Managing Financial Information in the Trade Lifecycle
A Concise Atlas of Financial Instruments and ProcessesBy
- Martijn Groot, Product Marketing Director, overseeing product direction for financial data management product lines, Asset Control, Amsterdam, The Netherlands
Hardbound, 288 Pages
Published: May 2008
Imprint: Academic Press
"In providing a comprehensive and rigorous survey of the processes around the financial instrument lifecycle and how it is currently served by content providers, this book covers virgin territory" --From the preface by Herbie Skeete, series editor "His approach is based on a combination of viewpoints, intersecting instrument and transaction lifecycles, and tying them together within a Supply Chain model borrowed (at least originally) from advances in Manufacturing and Operations Management. While not the only industry expert attracted to the Supply Chain approach, Martijn has done a masterful job of adapting it to the realities of Market Data practices. Here, for the first time, is a coherent descriptive framework to describe how the pieces fit together, why they need to be handled the way they are and what metrics and aspects of information quality can be used. It doesnt go into the mechanics of pricing and valuation for various instruments thats not the point here, and there are plenty of sources for information on that. There are other places where Martijn neatly draws the line, and stays focused if you need a concise overview of information management and the products and processes in the operations of the securities industry, including practical discussions related to trade-offs and legacy overhang, you now have it." --From the Foreword by Bill Nichols,Program Director of Securities Processing Automation, FISD/SIIA Managing Financial Information in the Trade Lifecycle: A Concise Atlas of Financial Instruments and Processes by Martijn Groot hits at the heart of a key industry challenge. The importance of the kind of data management processes it describes cannot be understated. Its a wonder its taken so long for institutions to finally begin to get a grip on this crucial operational issue. --Andrew Delaney, Editor-in-Chief, A-Team Group, Publisher of Reference Data Review Newsletter Its a pleasure to welcome Martijn Groots new book Managing Financial Information in the Trade Lifecycle: A Concise Atlas of Financial Instruments and Processes to the growing canon of works dedicated to the business and technology of market data. It offers instructors a source for courseware, and practitioners a means of enhancing their skill sets. Groots book joins Marc Alvarez Market Data Explained as essential items in the market data professionals library. -- R. Tee Williams, Principal and Head of Financial Industries Training, Tee Williams Associates An excellent primer on one of the most important challenges effective data management facing the financial services industry today. The book provides a succinct business process framework in which to understand the variety of data types, sources and content that comprise securities trading." -- Ayesha Khanna, author of Straight Through Processing for Financial Services "The world of financial market data is awash in the use of specialist jargon and metaphors that fall short of describing the sophistication and complexity of the domain. Refreshingly, Martijn Groot undertakes to consolidate these issues, viewing them as parts of a single supply chain across the many uses of data content within financial firms and across the industry. Any firm looking to invest in their data management and supply infrastructure should start here in order to understand fully both the scope of the data management landscape as well as the industry context. Every CTO or CIO will be well served by keeping a copy on their bookshelf." -- Marc Alvarez, author of Market Data Explained: A Practical Guide to Global Capital Markets Information Managing Financial Information in the Trade Lifecycle discusses the present and future of financial data management by focusing on the lifecycle of the financial instruments (stocks, bonds, options, derivatives) that generate and require data to keep the markets moving. This book is a concise reference manual of the financial information supply chain and how to maximize effectiveness and minimize cost. Martijn Groot is Director of Product Marketing at Asset Control, the market leading provider of Centralized Data Management (CDM) solutions to buy- and sell-side firms and market infrastructure companies around the globe.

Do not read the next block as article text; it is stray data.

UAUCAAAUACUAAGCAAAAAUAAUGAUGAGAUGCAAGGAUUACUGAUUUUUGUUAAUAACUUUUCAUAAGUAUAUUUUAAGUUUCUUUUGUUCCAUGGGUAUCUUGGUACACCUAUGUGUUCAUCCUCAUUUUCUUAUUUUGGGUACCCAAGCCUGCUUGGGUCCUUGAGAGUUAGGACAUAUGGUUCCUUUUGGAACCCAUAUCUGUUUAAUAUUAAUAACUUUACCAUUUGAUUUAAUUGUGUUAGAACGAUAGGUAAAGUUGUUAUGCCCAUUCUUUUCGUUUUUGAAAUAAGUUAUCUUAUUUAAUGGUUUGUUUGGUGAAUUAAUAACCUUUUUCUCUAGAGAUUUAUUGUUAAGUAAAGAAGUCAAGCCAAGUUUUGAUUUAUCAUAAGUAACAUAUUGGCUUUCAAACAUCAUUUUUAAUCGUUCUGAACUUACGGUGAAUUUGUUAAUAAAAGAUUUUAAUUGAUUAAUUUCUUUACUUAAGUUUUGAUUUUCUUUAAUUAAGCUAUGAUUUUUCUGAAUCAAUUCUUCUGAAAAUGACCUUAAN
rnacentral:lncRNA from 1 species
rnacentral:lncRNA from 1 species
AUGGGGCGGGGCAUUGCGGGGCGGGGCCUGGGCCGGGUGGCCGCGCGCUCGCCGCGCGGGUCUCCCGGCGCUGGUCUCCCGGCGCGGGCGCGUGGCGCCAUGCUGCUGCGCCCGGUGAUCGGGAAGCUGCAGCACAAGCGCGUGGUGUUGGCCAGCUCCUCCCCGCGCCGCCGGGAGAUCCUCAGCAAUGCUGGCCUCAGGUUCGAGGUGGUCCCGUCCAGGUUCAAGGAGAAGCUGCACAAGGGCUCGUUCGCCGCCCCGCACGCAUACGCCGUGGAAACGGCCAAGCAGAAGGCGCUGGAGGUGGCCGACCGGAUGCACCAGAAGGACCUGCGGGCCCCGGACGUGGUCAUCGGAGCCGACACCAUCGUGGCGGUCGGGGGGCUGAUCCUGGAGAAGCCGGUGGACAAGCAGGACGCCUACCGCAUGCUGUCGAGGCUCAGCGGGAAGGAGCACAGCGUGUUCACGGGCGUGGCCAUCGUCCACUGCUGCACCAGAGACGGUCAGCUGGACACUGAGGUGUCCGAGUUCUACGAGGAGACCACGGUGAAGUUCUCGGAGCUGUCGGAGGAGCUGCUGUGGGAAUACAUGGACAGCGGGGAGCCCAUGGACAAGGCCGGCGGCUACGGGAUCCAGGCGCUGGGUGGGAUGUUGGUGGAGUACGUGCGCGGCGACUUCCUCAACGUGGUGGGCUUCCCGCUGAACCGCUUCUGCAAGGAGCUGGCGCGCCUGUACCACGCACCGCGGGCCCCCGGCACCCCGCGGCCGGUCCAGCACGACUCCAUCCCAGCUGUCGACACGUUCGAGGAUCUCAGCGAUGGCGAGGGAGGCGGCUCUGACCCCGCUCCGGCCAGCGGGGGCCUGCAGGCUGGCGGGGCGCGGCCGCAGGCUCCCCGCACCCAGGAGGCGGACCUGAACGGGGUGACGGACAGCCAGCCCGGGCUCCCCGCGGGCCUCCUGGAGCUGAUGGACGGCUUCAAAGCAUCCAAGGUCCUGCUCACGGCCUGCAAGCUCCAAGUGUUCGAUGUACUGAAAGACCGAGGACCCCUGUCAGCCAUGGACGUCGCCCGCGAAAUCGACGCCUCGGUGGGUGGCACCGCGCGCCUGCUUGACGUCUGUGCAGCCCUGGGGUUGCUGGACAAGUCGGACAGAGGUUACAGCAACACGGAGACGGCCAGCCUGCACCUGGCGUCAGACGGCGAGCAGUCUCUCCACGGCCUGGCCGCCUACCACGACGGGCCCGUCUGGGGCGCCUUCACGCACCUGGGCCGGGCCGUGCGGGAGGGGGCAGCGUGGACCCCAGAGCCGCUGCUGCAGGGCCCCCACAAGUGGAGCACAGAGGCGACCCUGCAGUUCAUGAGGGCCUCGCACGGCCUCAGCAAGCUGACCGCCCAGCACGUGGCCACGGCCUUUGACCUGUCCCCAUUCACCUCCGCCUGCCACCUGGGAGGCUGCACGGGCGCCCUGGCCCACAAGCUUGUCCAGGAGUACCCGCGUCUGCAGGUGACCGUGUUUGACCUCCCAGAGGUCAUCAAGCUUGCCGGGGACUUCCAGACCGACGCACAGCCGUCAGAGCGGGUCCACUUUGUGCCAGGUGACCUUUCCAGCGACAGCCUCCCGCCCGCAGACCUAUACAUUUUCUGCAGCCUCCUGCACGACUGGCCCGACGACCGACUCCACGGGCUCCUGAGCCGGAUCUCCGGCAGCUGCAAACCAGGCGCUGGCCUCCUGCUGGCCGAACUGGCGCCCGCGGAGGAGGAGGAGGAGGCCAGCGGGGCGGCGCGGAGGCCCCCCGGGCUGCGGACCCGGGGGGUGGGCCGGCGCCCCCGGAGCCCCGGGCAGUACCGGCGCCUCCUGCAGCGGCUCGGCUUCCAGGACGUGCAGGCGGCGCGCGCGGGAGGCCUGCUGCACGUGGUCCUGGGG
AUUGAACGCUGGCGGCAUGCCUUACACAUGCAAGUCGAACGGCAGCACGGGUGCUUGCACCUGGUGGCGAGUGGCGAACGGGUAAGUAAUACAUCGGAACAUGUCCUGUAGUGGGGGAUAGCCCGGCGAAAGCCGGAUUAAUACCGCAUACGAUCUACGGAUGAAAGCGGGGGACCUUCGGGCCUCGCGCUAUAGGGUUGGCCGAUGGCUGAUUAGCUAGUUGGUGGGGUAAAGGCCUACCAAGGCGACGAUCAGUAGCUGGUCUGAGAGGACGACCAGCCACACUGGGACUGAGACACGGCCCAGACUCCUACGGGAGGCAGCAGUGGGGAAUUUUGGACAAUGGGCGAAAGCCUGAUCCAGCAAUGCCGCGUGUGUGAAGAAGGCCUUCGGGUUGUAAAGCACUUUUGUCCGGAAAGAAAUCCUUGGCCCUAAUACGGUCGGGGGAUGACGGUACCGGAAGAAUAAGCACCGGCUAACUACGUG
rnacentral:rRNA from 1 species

- 1. The changing financial services landscape1.1 Introduction1.2 Historical perspective and current industry landscape1.3 The instrument lifecycle1.4 The transaction lifecycle1.5 The information supply chain1.6 Flow and bespoke business models1.7 The typical information architecture1.8 Consequences and costs1.9 Conclusion2. The instrument lifecycle: the life and times of financial instruments.2.1 Introduction2.2 Enter the protagonist: the financial instrument2.3 Types of financial products2.4 Financial markets2.5 A birth of a financial instrument the process2.6 Describing a financial instrument2.7 Active life of financial instruments corporate actions2.8 Dependencies between instruments2.9 Ups and downs throughout an instruments life.2.10 The demise of a financial instrument2.11 Conclusions3. The information supply chain: overview of the financial content market3.1 Introduction3.2 Overview of the content market and its changing dynamics3.3 Who are the data sellers?3.4 The Information Supply Chain3.5 Different types of content3.6 Licensing and contract management.3.7 Sourcing and dissemination information internally: technical perspective3.8 Conclusions4 Information needs in the transaction lifecycle4.1 Introduction4.2 The information manufacturing business: basic versus derived data4.3 The transaction Lifecycle4.4 Processes under scrutiny: regulation and audit4.5 Use cases4.6 Conclusions5. Tying it together: metrics and criteria for success in infrastructure5.1 Introduction5.2 The information entropy situation5.3 Aspects of information quality5.3 The content manufacturing process5.4 The wholesale versus the retail transaction model5.5 Quality metrics: information management KPIs and their SLA context5.6 Wholesale versus retail: what constitutes success in process and content management?5.7 Conclusion6. Conclusion